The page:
The company contracted to run Minneapolis' pay-by-phone parking app said somebody hacked its system and stole users' license plate numbers, e-mail addresses, phone numbers and, in some cases, mailing addresses.
No credit card information was accessed and no information related to users' parking transaction history was taken during the data breach last month, according to ParkMobile, the Georgia company that operates the MPLS Parking app. The breach affected customers in Minneapolis and 90 other U.S. cities where ParkMobile operates mobile parking apps, including Atlanta, Boston, Chicago, Dallas, New York City and Tampa.
Encrypted passwords also were accessed, but the encryption keys required to read them were not, according to a statement the company posted on its website. The company advised users to change their password in the Settings section of the ParkMobile app.
The company began notifying users after it completed its investigation of a "cybersecurity incident" that came to light March 26. ParkMobile attributed the breach to "a vulnerability" in third-party software that it uses. The company said it quickly eliminated the problem and alerted law enforcement.
"As the largest parking app in the U.S., the trust of our users is our top priority," the statement said. "Please rest assured we take seriously our responsibility to safeguard the security of our users' information. We continue to maintain our security and monitor our systems."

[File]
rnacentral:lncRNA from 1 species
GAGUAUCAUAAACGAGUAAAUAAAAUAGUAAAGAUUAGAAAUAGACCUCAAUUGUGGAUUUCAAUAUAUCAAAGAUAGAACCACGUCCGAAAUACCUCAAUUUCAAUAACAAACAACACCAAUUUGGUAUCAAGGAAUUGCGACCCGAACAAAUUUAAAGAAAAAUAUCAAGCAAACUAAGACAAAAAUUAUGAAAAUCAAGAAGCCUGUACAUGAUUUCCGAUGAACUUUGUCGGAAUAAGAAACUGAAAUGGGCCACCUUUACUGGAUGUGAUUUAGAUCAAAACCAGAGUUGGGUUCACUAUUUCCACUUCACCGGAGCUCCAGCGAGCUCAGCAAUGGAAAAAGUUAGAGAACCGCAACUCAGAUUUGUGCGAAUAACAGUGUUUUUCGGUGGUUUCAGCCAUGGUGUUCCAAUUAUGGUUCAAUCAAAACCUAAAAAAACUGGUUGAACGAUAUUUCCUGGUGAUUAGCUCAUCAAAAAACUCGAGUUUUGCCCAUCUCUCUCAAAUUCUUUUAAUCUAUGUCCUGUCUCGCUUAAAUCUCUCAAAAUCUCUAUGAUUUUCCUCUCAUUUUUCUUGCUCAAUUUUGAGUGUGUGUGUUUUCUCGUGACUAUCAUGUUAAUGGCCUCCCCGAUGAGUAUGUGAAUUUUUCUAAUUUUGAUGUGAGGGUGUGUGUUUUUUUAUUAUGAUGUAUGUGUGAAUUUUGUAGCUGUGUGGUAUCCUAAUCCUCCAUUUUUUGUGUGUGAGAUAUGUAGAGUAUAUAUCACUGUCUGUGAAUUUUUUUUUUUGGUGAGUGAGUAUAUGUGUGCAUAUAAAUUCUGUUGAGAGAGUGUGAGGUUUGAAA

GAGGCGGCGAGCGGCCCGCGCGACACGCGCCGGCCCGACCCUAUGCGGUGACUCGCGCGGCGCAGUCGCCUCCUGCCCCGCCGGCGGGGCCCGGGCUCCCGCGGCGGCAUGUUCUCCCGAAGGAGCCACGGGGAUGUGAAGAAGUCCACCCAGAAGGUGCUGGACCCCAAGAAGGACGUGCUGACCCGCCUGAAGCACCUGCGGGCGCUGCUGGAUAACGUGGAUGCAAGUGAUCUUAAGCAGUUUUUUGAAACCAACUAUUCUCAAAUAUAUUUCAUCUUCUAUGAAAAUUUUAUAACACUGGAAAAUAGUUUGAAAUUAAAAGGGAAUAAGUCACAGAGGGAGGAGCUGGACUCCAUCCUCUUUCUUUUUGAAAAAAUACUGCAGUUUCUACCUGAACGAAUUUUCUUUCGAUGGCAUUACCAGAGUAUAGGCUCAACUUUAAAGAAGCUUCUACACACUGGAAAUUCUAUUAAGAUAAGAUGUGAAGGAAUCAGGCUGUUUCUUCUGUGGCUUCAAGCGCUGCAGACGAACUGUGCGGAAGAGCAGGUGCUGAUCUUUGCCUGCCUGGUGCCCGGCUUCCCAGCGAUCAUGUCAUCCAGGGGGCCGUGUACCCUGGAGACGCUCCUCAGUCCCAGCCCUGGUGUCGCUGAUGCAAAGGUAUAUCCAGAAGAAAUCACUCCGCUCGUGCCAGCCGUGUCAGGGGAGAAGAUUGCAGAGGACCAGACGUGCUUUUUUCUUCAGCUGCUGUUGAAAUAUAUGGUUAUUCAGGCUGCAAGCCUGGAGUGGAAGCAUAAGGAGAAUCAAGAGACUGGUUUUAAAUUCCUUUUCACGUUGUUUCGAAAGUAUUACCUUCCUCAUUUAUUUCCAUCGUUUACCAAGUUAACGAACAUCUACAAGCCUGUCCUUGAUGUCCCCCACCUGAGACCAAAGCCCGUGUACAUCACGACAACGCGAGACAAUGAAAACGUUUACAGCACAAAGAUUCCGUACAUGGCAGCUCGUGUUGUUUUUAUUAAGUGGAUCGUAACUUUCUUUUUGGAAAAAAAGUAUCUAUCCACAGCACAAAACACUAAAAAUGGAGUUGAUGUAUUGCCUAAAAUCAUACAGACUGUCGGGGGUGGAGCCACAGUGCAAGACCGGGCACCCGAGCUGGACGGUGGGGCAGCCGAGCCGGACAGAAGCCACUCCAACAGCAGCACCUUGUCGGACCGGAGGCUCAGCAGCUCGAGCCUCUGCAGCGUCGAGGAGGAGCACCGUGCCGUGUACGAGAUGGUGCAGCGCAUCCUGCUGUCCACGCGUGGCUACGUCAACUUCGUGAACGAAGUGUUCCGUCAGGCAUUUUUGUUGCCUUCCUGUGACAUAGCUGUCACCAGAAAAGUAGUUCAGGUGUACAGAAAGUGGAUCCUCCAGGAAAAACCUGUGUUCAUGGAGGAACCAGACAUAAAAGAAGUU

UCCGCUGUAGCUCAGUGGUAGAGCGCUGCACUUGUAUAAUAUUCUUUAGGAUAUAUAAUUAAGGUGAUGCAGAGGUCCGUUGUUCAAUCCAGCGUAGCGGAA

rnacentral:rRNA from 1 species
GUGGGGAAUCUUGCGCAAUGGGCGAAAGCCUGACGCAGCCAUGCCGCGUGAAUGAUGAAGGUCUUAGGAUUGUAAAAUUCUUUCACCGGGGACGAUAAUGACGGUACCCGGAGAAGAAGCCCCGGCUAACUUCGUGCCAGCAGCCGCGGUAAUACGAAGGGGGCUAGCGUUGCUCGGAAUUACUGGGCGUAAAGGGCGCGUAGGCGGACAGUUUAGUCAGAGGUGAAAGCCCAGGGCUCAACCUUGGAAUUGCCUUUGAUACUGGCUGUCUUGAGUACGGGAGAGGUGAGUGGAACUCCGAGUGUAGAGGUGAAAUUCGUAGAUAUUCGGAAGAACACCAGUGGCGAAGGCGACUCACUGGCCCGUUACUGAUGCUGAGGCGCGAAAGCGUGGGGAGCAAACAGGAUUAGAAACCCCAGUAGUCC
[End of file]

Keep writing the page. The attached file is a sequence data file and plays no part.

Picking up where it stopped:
There was no breach of any city of Minneapolis networks or data the city receives for payments.
"The profile information that was exposed in the breach was contained within ParkMobile systems that are not integrated with any city systems," said Minneapolis spokeswoman Sarah McKenzie.
There have been approximately 430,000 downloads of the MPLS Parking app, and the city sees about 100,000 unique users in an average month, McKenzie said. Approximately 60% of all parking meter payments are made via mobile app. Minneapolis collected $7.5 million through the app in 2019 and $4.5 million in 2020, McKenzie said.
The city is working with ParkMobile to ensure legal notifications are made to affected users of the MPLS Parking app, she said.
The app can be used to pay for parking at all city of Minneapolis' on- and off-street spaces. It can be downloaded free from the Apple Store, Google Play and the city's website.
Tim Harlow • 612-673-7768